BEIJING: Chicago soybean futures extended gains on Monday, rising for a fifth consecutive session, as likely dry South American weather is expected to hit production.
The most-active soybean contract on the Chicago Board of Trade (CBOT) was up 0.2% at $12.88 per bushel around 0328 GMT on Monday. It had earlier hit a three-month top of $12.98 per bushel on Friday.
The Buenos Aires grains exchange said last week that Argentina's central farm belt was set for very high temperatures in the coming days, followed by moderate to heavy rains.
This comes after it warned recently about the impact of the likely dry weather on soybean and corn production, with lower-than-normal rainfall due to the La Niña climate pattern expected during the region's summer.
Meanwhile, corn was slightly down 0.1% at $5.93 a bushel. The wheat contract slipped 0.3% at $7.72-1/2 a bushel, after two earlier sessions of gains.
The world's largest wheat exporter, Russia, plans to set its export quota at 8 million tonnes, the country's economy ministry said on Friday, 1 million tonne lower than previously planned.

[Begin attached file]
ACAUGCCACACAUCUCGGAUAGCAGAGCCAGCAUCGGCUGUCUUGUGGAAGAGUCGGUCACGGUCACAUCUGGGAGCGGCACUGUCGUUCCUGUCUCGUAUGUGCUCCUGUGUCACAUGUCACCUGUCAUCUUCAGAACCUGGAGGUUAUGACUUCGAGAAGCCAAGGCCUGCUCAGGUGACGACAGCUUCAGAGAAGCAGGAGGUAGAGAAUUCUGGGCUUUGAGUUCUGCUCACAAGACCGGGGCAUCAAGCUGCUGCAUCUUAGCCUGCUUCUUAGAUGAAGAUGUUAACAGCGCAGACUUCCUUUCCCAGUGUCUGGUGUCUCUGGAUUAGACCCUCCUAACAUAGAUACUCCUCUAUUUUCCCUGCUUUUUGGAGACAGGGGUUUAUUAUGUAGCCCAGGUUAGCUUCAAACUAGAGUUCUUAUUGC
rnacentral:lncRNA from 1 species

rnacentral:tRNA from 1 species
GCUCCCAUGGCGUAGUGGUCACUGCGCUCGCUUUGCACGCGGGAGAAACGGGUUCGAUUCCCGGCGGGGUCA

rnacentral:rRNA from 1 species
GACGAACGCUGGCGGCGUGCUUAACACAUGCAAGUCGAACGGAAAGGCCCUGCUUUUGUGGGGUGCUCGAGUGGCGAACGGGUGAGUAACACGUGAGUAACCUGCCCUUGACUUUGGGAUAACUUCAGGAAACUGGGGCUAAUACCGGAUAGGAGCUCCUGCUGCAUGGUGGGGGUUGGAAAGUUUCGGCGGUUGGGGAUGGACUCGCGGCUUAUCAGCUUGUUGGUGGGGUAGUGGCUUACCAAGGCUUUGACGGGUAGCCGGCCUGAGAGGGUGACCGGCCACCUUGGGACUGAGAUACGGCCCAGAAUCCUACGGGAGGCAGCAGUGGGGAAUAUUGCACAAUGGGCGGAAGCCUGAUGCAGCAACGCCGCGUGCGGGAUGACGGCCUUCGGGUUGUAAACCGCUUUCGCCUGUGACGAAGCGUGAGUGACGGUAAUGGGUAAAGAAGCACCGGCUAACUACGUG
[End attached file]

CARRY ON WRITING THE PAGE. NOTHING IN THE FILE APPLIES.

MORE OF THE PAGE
Russia's wheat export tax formula will have a higher multiplier if prices rise to $375/t and the multiplier will rise further if prices reach $400/t, a proposal on the state website for laws and regulations showed.
The Argentine government capped the volume of corn and wheat for the 2021/22 cycle that can be exported, in a bid to head off domestic grain shortages and tamp down rising food values as it battles high inflation.
Chinese importers have made more purchases of French wheat and barley this week following a slide in prices, with around 10 large vessels thought to have been booked, five European traders said.
Commodity funds were net buyers of Chicago Board of Trade soymeal, soybean, corn and wheat futures contracts on Friday and net sellers of soyoil futures, traders said. r